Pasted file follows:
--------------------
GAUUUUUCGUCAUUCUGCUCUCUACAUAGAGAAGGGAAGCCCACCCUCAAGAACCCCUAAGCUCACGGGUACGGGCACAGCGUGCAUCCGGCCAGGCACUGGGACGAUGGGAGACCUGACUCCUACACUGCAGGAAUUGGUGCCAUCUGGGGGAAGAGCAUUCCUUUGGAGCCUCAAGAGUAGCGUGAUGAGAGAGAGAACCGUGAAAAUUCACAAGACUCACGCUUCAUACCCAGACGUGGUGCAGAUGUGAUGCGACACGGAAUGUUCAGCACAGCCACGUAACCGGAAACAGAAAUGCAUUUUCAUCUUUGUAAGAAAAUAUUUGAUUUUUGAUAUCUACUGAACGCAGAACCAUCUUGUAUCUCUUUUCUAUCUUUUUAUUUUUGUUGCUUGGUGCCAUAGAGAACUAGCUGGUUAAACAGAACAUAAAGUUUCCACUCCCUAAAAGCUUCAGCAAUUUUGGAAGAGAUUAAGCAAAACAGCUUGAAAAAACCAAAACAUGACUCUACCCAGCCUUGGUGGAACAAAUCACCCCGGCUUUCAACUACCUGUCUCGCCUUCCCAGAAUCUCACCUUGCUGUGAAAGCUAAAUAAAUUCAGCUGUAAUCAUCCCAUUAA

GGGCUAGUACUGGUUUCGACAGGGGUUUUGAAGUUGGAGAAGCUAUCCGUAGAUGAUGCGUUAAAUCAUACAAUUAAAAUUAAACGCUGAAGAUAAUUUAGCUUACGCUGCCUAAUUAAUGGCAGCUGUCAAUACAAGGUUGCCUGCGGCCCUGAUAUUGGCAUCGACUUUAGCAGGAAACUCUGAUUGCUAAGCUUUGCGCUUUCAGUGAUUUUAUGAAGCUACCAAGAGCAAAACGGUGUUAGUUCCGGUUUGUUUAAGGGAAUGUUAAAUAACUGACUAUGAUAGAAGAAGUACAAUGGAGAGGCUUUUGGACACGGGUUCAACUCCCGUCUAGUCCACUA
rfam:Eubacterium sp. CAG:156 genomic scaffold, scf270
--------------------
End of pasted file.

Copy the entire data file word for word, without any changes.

GAUUUUUCGUCAUUCUGCUCUCUACAUAGAGAAGGGAAGCCCACCCUCAAGAACCCCUAAGCUCACGGGUACGGGCACAGCGUGCAUCCGGCCAGGCACUGGGACGAUGGGAGACCUGACUCCUACACUGCAGGAAUUGGUGCCAUCUGGGGGAAGAGCAUUCCUUUGGAGCCUCAAGAGUAGCGUGAUGAGAGAGAGAACCGUGAAAAUUCACAAGACUCACGCUUCAUACCCAGACGUGGUGCAGAUGUGAUGCGACACGGAAUGUUCAGCACAGCCACGUAACCGGAAACAGAAAUGCAUUUUCAUCUUUGUAAGAAAAUAUUUGAUUUUUGAUAUCUACUGAACGCAGAACCAUCUUGUAUCUCUUUUCUAUCUUUUUAUUUUUGUUGCUUGGUGCCAUAGAGAACUAGCUGGUUAAACAGAACAUAAAGUUUCCACUCCCUAAAAGCUUCAGCAAUUUUGGAAGAGAUUAAGCAAAACAGCUUGAAAAAACCAAAACAUGACUCUACCCAGCCUUGGUGGAACAAAUCACCCCGGCUUUCAACUACCUGUCUCGCCUUCCCAGAAUCUCACCUUGCUGUGAAAGCUAAAUAAAUUCAGCUGUAAUCAUCCCAUUAA

GGGCUAGUACUGGUUUCGACAGGGGUUUUGAAGUUGGAGAAGCUAUCCGUAGAUGAUGCGUUAAAUCAUACAAUUAAAAUUAAACGCUGAAGAUAAUUUAGCUUACGCUGCCUAAUUAAUGGCAGCUGUCAAUACAAGGUUGCCUGCGGCCCUGAUAUUGGCAUCGACUUUAGCAGGAAACUCUGAUUGCUAAGCUUUGCGCUUUCAGUGAUUUUAUGAAGCUACCAAGAGCAAAACGGUGUUAGUUCCGGUUUGUUUAAGGGAAUGUUAAAUAACUGACUAUGAUAGAAGAAGUACAAUGGAGAGGCUUUUGGACACGGGUUCAACUCCCGUCUAGUCCACUA
rfam:Eubacterium sp. CAG:156 genomic scaffold, scf270